The last time I visited my folks, my mom busted out the Mexican torta she learned about on her own, after harnessing the yin and yang of local print media and the Word Wide Web. This time, she introduced me to Gardein, the "garden protein," which she learned about on Oprah.
I was immediately suspicious of the stuff, largely because I had never heard of it (I'm the vegan in the family for chrissakes), but also because I couldn't believe that Oprah was pushing a thoroughly vegan product to every white American woman over the age of 55. So I did a little Googling and clicked through the gratuitous Flash pages on www.gardein.com and determined that, sure enough, the stuff was legit. So when my mom asked me if she should make the chick'n scallopini recipe featured on the show, I consented. (Now, a lot of vegan bloggers would have taken the reins at this point, dutifully making the dish for their mothers. But, as I've said before, I'm lazy. And my mom claims to love cooking for me, so it's win-win.)
So off we went to the closest Whole Foods to procure the ingredients, packing enough food, water, blankets, and ammunition to ensure a safe journey. When we finally made it to the store we were met with two obstacles: they had a small selection of Gardein's broad product line, which didn't include the "chick'n fillets" nor the "scallopini" described in the recipe; and they didn't have udon noodle cakes, whatever those are. So we got the "santa fe good stuff" and regular udon noodles, hoping for the best.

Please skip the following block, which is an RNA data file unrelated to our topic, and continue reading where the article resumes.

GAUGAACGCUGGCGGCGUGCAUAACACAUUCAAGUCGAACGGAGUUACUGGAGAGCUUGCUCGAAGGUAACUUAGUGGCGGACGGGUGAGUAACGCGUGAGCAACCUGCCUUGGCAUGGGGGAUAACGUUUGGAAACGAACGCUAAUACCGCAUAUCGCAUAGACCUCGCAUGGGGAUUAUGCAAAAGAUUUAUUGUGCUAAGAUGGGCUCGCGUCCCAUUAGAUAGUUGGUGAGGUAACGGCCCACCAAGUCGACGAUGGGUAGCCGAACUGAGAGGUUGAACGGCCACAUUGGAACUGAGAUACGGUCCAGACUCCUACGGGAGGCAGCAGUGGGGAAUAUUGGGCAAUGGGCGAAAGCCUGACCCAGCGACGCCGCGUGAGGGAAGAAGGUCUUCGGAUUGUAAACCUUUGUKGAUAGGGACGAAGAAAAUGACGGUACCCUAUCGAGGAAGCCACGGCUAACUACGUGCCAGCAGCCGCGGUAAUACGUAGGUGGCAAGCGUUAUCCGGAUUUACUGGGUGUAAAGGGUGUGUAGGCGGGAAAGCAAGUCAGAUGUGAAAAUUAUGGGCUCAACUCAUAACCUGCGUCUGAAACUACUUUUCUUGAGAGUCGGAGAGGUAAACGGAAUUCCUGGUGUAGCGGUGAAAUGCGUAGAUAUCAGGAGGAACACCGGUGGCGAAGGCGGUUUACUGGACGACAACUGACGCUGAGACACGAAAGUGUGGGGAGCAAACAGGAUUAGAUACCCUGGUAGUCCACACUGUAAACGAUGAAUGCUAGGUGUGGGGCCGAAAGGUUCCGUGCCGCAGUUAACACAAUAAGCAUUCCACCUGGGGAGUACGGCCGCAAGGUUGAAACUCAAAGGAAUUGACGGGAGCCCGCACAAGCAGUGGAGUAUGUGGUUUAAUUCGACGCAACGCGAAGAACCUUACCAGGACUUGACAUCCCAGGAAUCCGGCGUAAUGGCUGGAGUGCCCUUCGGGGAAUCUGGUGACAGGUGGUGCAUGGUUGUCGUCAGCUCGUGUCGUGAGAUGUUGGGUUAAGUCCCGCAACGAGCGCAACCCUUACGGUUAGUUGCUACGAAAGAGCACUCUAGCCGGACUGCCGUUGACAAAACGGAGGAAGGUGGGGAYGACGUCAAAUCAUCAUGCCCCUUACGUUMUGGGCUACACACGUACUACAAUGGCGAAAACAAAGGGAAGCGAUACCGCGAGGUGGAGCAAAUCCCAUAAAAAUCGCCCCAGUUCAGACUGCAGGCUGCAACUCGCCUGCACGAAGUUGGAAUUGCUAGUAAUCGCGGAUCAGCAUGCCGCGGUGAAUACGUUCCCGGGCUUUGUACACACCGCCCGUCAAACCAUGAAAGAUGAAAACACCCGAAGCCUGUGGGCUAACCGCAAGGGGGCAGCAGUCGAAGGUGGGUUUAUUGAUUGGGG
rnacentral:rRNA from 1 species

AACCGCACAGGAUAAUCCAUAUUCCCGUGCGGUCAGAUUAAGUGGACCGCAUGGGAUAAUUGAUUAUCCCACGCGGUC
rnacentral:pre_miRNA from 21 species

The best turned out pretty good. My mom put four piles of udon noodles into separate ramekins after cooking them, to give them a cake-like shape that held together pretty well in the pan. The stuffing in the "santa fe good stuff" did clash with the Asian tone of the recipe, but it was easy to forgive. The texture of the Gardein was disturbingly close to what I remember of actual chicken, and I'm not sure how I feel about that. Surprisingly, the most delicious part of the recipe was the pea shoots. Frickin' delicous.
While I feel that this product came out of nowhere on a rocket-fueled marketing sled, I'm pleased that its sights are set on the mainstream; I can see it giving a lot of on-the-fence omnivores the motivation they need to eat less meat. I'm certainly not in the crossover market that Gardein is targeting, so its similarity to the "real thing" isn't a selling point for me. Nonetheless, I'll gladly try their other flavors, if for no other reason than to expand my options for easy protein. Thanks again, Mom.